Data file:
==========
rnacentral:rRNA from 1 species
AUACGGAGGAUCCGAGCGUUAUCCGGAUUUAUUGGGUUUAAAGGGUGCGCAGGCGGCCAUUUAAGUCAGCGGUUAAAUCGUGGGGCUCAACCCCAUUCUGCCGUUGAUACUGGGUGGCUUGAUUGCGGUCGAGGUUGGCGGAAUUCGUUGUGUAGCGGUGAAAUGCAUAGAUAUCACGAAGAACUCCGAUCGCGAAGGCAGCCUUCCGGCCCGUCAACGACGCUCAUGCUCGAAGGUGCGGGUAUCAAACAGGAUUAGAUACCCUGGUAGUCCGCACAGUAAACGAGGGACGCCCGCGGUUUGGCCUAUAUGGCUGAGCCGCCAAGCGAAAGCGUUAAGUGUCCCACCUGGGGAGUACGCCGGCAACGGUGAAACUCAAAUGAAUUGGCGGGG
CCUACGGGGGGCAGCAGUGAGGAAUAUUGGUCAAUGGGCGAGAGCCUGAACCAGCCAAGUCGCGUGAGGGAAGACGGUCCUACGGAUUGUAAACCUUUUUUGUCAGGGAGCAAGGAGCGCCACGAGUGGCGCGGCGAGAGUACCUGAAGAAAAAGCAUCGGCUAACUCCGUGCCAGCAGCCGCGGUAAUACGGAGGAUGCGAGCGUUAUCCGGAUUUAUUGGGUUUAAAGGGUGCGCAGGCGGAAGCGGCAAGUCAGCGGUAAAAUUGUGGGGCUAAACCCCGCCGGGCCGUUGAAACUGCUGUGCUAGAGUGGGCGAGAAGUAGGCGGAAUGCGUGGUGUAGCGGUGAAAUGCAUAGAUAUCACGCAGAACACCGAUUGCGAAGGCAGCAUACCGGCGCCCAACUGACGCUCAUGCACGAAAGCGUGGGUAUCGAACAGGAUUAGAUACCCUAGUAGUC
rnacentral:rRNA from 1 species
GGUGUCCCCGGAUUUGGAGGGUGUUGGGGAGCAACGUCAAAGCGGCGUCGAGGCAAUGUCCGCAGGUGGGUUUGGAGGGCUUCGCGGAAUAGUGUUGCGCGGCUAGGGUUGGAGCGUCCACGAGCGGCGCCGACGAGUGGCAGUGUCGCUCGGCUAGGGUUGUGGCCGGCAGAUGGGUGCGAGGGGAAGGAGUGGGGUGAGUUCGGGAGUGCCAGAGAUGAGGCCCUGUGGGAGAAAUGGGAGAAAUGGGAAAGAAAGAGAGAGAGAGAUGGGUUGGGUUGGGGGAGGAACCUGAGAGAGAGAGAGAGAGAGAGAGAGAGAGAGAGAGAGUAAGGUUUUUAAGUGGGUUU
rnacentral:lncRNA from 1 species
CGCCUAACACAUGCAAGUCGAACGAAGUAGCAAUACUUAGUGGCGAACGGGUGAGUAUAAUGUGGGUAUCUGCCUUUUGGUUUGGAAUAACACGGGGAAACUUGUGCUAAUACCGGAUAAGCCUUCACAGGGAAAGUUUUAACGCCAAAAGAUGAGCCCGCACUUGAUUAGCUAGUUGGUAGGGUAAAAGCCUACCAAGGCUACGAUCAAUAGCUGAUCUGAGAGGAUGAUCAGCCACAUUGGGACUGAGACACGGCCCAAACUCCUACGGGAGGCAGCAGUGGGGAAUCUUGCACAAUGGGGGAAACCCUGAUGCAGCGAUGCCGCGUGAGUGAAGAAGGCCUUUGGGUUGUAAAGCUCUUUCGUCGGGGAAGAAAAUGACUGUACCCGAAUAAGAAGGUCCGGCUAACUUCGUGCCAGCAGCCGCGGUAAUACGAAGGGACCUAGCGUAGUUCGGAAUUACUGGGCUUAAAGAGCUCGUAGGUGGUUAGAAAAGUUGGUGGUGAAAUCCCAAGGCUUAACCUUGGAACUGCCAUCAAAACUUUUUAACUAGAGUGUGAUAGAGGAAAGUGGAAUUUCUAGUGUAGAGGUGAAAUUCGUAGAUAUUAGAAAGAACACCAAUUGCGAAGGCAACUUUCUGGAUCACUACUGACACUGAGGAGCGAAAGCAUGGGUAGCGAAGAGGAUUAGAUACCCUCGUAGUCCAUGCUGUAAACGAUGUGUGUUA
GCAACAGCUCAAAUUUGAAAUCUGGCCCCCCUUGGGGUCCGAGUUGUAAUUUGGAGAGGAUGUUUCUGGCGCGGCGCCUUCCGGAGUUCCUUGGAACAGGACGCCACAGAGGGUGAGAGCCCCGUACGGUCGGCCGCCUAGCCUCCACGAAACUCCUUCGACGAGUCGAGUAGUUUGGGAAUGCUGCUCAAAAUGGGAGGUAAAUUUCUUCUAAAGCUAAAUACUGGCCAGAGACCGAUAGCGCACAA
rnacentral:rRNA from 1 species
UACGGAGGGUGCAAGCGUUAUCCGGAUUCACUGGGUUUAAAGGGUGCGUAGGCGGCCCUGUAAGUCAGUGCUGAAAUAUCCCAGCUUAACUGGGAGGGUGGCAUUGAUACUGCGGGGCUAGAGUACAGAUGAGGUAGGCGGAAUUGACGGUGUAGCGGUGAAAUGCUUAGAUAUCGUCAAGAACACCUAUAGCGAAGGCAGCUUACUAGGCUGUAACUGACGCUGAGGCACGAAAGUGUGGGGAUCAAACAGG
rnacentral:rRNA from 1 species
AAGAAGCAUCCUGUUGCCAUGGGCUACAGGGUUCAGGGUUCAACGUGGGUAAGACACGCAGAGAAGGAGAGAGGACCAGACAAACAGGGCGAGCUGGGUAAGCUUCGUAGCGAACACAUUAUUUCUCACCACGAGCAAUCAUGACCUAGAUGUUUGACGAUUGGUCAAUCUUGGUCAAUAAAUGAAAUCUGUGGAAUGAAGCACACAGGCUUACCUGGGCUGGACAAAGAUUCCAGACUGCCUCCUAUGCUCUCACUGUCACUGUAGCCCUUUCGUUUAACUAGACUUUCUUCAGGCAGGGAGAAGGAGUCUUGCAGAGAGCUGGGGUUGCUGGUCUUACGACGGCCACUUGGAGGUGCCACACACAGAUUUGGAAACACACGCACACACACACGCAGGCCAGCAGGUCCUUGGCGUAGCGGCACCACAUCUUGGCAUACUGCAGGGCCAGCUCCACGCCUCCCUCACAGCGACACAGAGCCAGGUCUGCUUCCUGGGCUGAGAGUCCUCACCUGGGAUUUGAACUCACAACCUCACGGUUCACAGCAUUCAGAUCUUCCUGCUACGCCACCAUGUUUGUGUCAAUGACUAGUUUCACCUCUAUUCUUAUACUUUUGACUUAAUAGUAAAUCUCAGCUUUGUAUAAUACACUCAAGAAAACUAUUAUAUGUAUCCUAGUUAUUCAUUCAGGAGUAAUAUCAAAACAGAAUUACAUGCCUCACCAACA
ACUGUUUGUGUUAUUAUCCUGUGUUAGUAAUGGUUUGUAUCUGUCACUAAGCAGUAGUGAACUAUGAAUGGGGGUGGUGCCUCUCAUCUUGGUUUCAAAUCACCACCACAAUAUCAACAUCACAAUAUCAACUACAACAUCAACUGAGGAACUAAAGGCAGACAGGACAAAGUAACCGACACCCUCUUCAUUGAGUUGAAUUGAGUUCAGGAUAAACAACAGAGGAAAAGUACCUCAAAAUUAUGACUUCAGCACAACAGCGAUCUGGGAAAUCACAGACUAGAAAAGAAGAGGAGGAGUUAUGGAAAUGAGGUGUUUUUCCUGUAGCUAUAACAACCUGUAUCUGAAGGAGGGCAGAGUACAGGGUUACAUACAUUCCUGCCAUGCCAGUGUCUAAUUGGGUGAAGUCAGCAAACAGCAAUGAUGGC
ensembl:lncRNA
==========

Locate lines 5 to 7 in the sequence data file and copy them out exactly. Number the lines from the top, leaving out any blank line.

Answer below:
GGUGUCCCCGGAUUUGGAGGGUGUUGGGGAGCAACGUCAAAGCGGCGUCGAGGCAAUGUCCGCAGGUGGGUUUGGAGGGCUUCGCGGAAUAGUGUUGCGCGGCUAGGGUUGGAGCGUCCACGAGCGGCGCCGACGAGUGGCAGUGUCGCUCGGCUAGGGUUGUGGCCGGCAGAUGGGUGCGAGGGGAAGGAGUGGGGUGAGUUCGGGAGUGCCAGAGAUGAGGCCCUGUGGGAGAAAUGGGAGAAAUGGGAAAGAAAGAGAGAGAGAGAUGGGUUGGGUUGGGGGAGGAACCUGAGAGAGAGAGAGAGAGAGAGAGAGAGAGAGAGAGAGUAAGGUUUUUAAGUGGGUUU
rnacentral:lncRNA from 1 species
CGCCUAACACAUGCAAGUCGAACGAAGUAGCAAUACUUAGUGGCGAACGGGUGAGUAUAAUGUGGGUAUCUGCCUUUUGGUUUGGAAUAACACGGGGAAACUUGUGCUAAUACCGGAUAAGCCUUCACAGGGAAAGUUUUAACGCCAAAAGAUGAGCCCGCACUUGAUUAGCUAGUUGGUAGGGUAAAAGCCUACCAAGGCUACGAUCAAUAGCUGAUCUGAGAGGAUGAUCAGCCACAUUGGGACUGAGACACGGCCCAAACUCCUACGGGAGGCAGCAGUGGGGAAUCUUGCACAAUGGGGGAAACCCUGAUGCAGCGAUGCCGCGUGAGUGAAGAAGGCCUUUGGGUUGUAAAGCUCUUUCGUCGGGGAAGAAAAUGACUGUACCCGAAUAAGAAGGUCCGGCUAACUUCGUGCCAGCAGCCGCGGUAAUACGAAGGGACCUAGCGUAGUUCGGAAUUACUGGGCUUAAAGAGCUCGUAGGUGGUUAGAAAAGUUGGUGGUGAAAUCCCAAGGCUUAACCUUGGAACUGCCAUCAAAACUUUUUAACUAGAGUGUGAUAGAGGAAAGUGGAAUUUCUAGUGUAGAGGUGAAAUUCGUAGAUAUUAGAAAGAACACCAAUUGCGAAGGCAACUUUCUGGAUCACUACUGACACUGAGGAGCGAAAGCAUGGGUAGCGAAGAGGAUUAGAUACCCUCGUAGUCCAUGCUGUAAACGAUGUGUGUUA